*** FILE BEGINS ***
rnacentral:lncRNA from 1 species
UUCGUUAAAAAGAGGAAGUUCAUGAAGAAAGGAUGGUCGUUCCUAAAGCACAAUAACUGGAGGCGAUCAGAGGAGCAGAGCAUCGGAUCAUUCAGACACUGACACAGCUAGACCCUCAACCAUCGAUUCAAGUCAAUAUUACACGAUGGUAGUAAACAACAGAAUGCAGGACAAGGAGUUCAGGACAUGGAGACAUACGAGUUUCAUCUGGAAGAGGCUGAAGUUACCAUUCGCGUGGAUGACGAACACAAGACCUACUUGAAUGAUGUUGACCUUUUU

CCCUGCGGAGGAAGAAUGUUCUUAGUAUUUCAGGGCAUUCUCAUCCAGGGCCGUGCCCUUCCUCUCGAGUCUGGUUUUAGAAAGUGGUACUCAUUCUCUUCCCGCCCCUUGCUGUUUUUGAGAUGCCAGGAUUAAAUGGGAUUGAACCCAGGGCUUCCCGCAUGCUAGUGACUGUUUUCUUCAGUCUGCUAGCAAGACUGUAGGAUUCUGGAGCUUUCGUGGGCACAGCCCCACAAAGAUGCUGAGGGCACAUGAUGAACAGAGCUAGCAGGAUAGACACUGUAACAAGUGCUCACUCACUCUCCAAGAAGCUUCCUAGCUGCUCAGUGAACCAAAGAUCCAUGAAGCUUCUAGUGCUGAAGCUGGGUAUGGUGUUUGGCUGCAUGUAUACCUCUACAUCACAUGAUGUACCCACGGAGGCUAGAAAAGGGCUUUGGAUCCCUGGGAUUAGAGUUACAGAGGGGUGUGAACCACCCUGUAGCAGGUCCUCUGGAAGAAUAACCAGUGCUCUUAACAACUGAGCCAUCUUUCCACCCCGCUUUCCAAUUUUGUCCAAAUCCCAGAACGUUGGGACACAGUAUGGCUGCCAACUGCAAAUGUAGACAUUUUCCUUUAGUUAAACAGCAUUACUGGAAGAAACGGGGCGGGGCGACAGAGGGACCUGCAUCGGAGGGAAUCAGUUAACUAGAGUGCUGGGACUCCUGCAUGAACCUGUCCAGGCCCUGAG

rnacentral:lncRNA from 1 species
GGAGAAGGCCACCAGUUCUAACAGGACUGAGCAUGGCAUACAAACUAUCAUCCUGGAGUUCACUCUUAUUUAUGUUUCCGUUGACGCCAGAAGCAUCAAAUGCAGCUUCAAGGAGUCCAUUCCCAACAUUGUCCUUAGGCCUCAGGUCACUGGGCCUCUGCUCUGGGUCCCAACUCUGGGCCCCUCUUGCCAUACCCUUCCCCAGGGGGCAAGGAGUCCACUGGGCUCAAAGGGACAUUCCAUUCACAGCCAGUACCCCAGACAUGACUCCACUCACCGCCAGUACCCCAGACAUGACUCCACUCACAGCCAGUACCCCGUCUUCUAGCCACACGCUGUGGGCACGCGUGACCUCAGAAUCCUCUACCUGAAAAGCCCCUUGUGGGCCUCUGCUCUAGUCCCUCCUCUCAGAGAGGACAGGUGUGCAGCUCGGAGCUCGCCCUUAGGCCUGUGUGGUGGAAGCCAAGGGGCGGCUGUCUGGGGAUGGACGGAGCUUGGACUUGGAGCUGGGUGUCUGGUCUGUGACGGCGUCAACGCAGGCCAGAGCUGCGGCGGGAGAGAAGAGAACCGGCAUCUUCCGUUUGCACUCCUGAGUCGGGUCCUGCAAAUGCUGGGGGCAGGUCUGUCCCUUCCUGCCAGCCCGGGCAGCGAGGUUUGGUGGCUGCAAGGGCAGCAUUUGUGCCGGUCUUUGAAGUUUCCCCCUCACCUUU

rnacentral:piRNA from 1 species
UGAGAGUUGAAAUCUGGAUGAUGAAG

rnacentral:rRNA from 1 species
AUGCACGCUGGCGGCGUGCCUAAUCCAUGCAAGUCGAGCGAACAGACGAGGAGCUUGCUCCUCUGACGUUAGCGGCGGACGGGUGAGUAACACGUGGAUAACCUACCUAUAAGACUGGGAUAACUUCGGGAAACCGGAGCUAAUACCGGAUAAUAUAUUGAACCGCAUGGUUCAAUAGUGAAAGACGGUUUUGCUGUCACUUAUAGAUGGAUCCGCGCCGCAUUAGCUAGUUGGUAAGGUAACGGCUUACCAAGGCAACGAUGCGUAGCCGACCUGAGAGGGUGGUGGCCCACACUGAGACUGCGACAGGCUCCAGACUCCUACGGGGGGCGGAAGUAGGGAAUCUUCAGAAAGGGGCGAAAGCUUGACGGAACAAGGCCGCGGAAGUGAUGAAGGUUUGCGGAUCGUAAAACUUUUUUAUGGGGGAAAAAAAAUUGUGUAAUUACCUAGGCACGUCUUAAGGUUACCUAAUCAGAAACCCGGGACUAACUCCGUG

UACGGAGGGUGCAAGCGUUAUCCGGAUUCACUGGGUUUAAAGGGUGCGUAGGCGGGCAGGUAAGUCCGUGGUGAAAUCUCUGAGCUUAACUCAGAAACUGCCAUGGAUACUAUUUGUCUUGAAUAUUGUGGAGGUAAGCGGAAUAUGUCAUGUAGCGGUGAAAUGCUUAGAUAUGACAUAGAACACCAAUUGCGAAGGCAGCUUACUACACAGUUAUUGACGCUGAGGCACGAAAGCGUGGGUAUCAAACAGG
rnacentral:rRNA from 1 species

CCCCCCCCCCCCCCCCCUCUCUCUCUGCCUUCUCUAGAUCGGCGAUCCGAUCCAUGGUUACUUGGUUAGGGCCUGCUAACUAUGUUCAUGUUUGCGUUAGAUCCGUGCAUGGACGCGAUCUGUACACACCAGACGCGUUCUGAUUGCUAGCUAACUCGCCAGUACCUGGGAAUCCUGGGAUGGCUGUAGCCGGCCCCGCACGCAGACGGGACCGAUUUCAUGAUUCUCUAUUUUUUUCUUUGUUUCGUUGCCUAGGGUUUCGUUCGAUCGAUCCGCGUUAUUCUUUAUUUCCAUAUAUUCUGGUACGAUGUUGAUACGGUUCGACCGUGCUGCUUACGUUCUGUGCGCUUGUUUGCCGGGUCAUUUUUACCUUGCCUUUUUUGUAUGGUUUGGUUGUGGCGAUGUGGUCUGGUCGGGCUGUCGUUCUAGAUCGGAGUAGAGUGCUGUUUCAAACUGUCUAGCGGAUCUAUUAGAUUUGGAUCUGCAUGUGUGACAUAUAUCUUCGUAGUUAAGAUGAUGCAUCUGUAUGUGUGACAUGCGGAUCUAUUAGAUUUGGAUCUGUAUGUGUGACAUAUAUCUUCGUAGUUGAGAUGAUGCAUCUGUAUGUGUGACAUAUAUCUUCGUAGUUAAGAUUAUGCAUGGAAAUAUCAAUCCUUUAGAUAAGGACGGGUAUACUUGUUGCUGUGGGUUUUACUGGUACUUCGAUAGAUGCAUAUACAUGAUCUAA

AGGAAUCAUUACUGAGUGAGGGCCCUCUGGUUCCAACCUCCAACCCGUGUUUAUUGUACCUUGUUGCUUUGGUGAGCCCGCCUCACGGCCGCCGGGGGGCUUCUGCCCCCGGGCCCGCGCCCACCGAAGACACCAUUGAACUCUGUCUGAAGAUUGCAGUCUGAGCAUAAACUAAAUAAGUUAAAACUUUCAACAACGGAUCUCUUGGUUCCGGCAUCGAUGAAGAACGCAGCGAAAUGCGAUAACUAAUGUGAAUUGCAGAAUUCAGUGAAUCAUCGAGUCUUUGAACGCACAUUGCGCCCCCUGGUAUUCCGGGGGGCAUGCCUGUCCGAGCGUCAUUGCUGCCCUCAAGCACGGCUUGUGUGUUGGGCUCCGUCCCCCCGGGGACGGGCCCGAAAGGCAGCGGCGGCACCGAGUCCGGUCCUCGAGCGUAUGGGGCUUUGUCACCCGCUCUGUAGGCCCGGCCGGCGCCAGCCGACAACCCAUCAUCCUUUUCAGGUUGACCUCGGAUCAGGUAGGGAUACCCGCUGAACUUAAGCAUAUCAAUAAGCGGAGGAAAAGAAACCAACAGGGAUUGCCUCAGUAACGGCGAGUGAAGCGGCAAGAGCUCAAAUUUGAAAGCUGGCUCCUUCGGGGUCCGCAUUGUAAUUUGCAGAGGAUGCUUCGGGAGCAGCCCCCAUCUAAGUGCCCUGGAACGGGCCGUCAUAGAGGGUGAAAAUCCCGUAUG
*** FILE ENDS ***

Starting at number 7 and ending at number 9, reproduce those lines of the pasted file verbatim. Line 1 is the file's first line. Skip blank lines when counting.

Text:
UGAGAGUUGAAAUCUGGAUGAUGAAG

rnacentral:rRNA from 1 species
AUGCACGCUGGCGGCGUGCCUAAUCCAUGCAAGUCGAGCGAACAGACGAGGAGCUUGCUCCUCUGACGUUAGCGGCGGACGGGUGAGUAACACGUGGAUAACCUACCUAUAAGACUGGGAUAACUUCGGGAAACCGGAGCUAAUACCGGAUAAUAUAUUGAACCGCAUGGUUCAAUAGUGAAAGACGGUUUUGCUGUCACUUAUAGAUGGAUCCGCGCCGCAUUAGCUAGUUGGUAAGGUAACGGCUUACCAAGGCAACGAUGCGUAGCCGACCUGAGAGGGUGGUGGCCCACACUGAGACUGCGACAGGCUCCAGACUCCUACGGGGGGCGGAAGUAGGGAAUCUUCAGAAAGGGGCGAAAGCUUGACGGAACAAGGCCGCGGAAGUGAUGAAGGUUUGCGGAUCGUAAAACUUUUUUAUGGGGGAAAAAAAAUUGUGUAAUUACCUAGGCACGUCUUAAGGUUACCUAAUCAGAAACCCGGGACUAACUCCGUG